We retrospectively reviewed 107 eyes of 64 patients with DR, and their characteristics are presented in Table 1. One or more white spots (κ coefficient = 1.000) on pseudocolor SLO images and corresponding hyperreflective lesions, which appeared to be swollen in the superficial en-face and B-scan OCT images, were delineated in 21 (29.6%) of 71 eyes with moderate NPDR, 20 (90.9%) of 22 with severe NPDR, and 8 (66.7%) of 12 with PDR. The signal strength index was 8 in 81 eyes or 9 in 26 eyes. We determined the macular and extramacular areas using arteriolar arcades (Figs. 2g, 2h), and the distance between the fovea to arteriolar arcades was 3.98 mm (3.74–4.18). 
Table 1
 
Patients' Characteristics
Table 1
 
Patients' Characteristics
We then compared the morphologic OCT features of 136 hyperreflective lesions between the macular and extramacular areas (κ coefficient = 1.000) in only 49 eyes. Their shapes appeared to vary in the macular and extramacular areas (Figs. 24). The extramacular hyperreflective lesions exhibited greater areas (ICC = 0.988) and reached the OPL (κ coefficient = 0.893) more frequently compared with macular lesions (P < 0.001 and P = 0.002; Table 2). Thirty-seven (27.2%) of all 136 hyperreflective lesions were accompanied with NFLD (κ coefficient = 0.944), and such accessory findings were depicted more frequently in the macular areas compared with extramacular areas (P < 0.001; Table 3).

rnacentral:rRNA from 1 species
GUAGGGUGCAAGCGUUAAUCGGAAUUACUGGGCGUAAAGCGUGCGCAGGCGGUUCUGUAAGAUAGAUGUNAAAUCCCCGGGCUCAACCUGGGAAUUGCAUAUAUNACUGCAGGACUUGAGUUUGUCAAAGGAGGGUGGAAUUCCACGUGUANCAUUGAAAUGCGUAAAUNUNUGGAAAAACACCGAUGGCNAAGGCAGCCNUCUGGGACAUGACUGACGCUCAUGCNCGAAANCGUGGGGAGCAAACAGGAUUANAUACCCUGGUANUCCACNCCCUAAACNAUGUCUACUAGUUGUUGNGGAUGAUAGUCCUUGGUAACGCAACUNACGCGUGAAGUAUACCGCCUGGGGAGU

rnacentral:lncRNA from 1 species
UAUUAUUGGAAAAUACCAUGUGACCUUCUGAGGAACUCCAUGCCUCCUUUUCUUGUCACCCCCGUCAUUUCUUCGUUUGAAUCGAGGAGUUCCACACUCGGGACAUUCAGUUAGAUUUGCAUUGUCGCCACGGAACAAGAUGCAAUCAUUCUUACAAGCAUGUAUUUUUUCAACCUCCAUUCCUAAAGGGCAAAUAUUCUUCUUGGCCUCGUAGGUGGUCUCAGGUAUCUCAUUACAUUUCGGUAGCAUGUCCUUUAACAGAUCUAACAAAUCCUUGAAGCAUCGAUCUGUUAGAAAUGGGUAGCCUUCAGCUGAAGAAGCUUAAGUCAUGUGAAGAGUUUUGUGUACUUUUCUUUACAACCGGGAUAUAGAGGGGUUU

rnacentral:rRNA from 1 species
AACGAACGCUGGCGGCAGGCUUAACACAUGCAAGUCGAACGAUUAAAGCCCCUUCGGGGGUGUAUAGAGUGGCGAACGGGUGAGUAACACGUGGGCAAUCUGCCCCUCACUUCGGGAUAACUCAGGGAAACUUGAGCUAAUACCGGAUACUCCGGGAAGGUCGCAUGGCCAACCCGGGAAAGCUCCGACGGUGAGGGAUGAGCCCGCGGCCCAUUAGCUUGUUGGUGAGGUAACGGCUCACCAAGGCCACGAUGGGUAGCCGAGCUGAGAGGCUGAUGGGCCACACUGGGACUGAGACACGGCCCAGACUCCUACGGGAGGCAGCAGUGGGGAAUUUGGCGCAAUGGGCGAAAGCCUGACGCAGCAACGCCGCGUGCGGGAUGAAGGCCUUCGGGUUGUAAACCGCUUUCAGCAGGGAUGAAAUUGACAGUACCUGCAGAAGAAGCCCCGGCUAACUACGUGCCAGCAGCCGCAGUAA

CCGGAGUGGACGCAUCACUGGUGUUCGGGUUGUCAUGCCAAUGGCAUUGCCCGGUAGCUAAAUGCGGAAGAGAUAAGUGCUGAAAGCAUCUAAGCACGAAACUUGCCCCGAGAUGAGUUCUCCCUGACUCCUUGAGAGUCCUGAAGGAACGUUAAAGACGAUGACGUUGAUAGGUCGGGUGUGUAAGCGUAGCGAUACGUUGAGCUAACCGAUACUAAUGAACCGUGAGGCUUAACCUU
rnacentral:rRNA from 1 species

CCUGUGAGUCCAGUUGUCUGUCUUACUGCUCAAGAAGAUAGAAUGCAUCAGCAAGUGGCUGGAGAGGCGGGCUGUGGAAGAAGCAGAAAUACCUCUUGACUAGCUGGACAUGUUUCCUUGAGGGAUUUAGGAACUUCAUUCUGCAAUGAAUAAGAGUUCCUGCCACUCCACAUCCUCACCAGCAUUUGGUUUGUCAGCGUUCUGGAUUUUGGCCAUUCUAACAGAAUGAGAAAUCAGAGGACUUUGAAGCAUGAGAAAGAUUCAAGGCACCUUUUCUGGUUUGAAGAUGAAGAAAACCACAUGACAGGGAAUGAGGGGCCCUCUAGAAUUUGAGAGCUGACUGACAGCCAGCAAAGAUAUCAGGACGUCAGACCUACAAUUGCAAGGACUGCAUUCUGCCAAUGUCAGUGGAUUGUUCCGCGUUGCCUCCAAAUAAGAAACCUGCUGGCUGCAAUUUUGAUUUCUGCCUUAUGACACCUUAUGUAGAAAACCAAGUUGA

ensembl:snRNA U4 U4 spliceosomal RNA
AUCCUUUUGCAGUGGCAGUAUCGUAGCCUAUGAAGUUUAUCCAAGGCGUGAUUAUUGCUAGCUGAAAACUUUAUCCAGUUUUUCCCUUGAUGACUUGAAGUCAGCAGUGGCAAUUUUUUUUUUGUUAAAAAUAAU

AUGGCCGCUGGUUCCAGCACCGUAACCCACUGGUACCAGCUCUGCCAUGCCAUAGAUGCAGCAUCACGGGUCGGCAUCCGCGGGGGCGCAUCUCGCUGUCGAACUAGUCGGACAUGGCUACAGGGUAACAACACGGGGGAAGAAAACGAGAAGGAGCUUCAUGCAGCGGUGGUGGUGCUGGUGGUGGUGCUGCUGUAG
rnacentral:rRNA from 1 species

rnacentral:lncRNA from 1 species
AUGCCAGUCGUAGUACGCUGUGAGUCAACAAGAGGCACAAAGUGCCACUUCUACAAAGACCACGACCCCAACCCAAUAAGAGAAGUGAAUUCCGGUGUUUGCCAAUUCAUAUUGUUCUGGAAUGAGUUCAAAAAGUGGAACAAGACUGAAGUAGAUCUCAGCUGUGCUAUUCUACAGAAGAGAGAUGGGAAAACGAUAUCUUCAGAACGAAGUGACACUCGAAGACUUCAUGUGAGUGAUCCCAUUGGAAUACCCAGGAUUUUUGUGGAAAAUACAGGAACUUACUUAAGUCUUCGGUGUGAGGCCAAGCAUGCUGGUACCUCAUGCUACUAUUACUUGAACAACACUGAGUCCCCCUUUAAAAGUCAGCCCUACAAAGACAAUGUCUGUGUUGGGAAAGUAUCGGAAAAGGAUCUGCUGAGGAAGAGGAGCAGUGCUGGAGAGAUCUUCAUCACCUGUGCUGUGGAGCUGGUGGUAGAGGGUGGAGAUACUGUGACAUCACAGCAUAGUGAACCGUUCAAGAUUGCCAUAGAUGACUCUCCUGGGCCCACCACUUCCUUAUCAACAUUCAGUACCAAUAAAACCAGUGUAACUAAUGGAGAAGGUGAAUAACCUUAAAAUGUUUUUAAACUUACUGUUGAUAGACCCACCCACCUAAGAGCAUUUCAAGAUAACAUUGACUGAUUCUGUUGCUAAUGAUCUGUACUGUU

Table 2
 
Relationship Between Lamellar Capillary Nonperfusion and OCT Findings in 136 White Spots
Table 2
 
Relationship Between Lamellar Capillary Nonperfusion and OCT Findings in 136 White Spots
Table 3
 
Characteristics of 136 White Spots in the Macular or Extramacular Areas in 49 Eyes
Table 3
 
Characteristics of 136 White Spots in the Macular or Extramacular Areas in 49 Eyes
We further investigated the capillary nonperfusion in hyperreflective lesions (κ coefficient = 0.912) and often observed the superficial NPAs in hyperreflective lesions, some of which were accompanied with the deep NPAs (Figs. 4i, 4j). Seventeen (89.5%) of 19 hyperreflective lesions on OCT images had the NPAs in the superficial layer on corresponding OCTA images in the macular areas, whereas only 10 extramacular lesions (8.5%) were accompanied with lamellar NPAs (Table 3; Fig. 4). The NPAs in all layers were delineated in most (91.5%) of extramacular hyperreflective lesions (Fig. 4j), although complete NPAs were in only two macular lesions (10.5%). In addition, 78 (66.7%) of extramacular hyperreflective lesions were accompanied with NPAs extending to the peripheral side (κ coefficient = 1.000; Fig. 3j) compared with only one lesion with extensive NPAs in the macular areas (5.3%; P < 0.001).